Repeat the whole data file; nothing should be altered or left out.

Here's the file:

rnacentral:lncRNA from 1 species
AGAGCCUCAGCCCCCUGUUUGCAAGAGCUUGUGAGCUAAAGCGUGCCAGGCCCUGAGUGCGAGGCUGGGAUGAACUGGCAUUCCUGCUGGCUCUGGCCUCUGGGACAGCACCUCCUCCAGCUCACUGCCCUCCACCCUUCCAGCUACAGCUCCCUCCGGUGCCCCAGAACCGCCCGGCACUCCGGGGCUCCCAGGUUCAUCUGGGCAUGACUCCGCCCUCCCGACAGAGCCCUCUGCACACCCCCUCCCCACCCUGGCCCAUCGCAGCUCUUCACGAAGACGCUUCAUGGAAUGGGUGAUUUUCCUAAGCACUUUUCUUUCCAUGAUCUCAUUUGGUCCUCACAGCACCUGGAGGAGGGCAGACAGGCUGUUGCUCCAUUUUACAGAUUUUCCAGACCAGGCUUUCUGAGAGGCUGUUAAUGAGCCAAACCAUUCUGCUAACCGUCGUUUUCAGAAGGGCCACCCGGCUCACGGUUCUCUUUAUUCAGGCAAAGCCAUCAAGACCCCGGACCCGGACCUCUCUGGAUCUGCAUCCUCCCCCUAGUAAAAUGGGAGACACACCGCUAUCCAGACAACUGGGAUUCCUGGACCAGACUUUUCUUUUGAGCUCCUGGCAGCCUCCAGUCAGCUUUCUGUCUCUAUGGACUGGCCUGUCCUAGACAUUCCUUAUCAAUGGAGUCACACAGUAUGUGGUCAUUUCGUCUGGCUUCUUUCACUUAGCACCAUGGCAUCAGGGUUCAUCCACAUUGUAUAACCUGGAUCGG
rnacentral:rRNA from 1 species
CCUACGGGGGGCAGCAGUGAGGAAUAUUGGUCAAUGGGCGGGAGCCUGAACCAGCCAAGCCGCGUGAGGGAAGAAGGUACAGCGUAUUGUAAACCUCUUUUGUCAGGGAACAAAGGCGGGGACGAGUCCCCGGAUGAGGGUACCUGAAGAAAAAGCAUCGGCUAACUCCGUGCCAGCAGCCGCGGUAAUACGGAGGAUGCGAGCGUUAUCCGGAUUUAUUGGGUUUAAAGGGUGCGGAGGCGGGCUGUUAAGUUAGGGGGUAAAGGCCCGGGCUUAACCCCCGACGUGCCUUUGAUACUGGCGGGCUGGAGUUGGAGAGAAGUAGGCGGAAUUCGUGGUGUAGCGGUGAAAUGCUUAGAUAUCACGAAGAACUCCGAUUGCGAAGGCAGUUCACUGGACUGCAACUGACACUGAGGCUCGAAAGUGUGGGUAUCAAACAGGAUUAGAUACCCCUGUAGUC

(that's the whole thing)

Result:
rnacentral:lncRNA from 1 species
AGAGCCUCAGCCCCCUGUUUGCAAGAGCUUGUGAGCUAAAGCGUGCCAGGCCCUGAGUGCGAGGCUGGGAUGAACUGGCAUUCCUGCUGGCUCUGGCCUCUGGGACAGCACCUCCUCCAGCUCACUGCCCUCCACCCUUCCAGCUACAGCUCCCUCCGGUGCCCCAGAACCGCCCGGCACUCCGGGGCUCCCAGGUUCAUCUGGGCAUGACUCCGCCCUCCCGACAGAGCCCUCUGCACACCCCCUCCCCACCCUGGCCCAUCGCAGCUCUUCACGAAGACGCUUCAUGGAAUGGGUGAUUUUCCUAAGCACUUUUCUUUCCAUGAUCUCAUUUGGUCCUCACAGCACCUGGAGGAGGGCAGACAGGCUGUUGCUCCAUUUUACAGAUUUUCCAGACCAGGCUUUCUGAGAGGCUGUUAAUGAGCCAAACCAUUCUGCUAACCGUCGUUUUCAGAAGGGCCACCCGGCUCACGGUUCUCUUUAUUCAGGCAAAGCCAUCAAGACCCCGGACCCGGACCUCUCUGGAUCUGCAUCCUCCCCCUAGUAAAAUGGGAGACACACCGCUAUCCAGACAACUGGGAUUCCUGGACCAGACUUUUCUUUUGAGCUCCUGGCAGCCUCCAGUCAGCUUUCUGUCUCUAUGGACUGGCCUGUCCUAGACAUUCCUUAUCAAUGGAGUCACACAGUAUGUGGUCAUUUCGUCUGGCUUCUUUCACUUAGCACCAUGGCAUCAGGGUUCAUCCACAUUGUAUAACCUGGAUCGG
rnacentral:rRNA from 1 species
CCUACGGGGGGCAGCAGUGAGGAAUAUUGGUCAAUGGGCGGGAGCCUGAACCAGCCAAGCCGCGUGAGGGAAGAAGGUACAGCGUAUUGUAAACCUCUUUUGUCAGGGAACAAAGGCGGGGACGAGUCCCCGGAUGAGGGUACCUGAAGAAAAAGCAUCGGCUAACUCCGUGCCAGCAGCCGCGGUAAUACGGAGGAUGCGAGCGUUAUCCGGAUUUAUUGGGUUUAAAGGGUGCGGAGGCGGGCUGUUAAGUUAGGGGGUAAAGGCCCGGGCUUAACCCCCGACGUGCCUUUGAUACUGGCGGGCUGGAGUUGGAGAGAAGUAGGCGGAAUUCGUGGUGUAGCGGUGAAAUGCUUAGAUAUCACGAAGAACUCCGAUUGCGAAGGCAGUUCACUGGACUGCAACUGACACUGAGGCUCGAAAGUGUGGGUAUCAAACAGGAUUAGAUACCCCUGUAGUC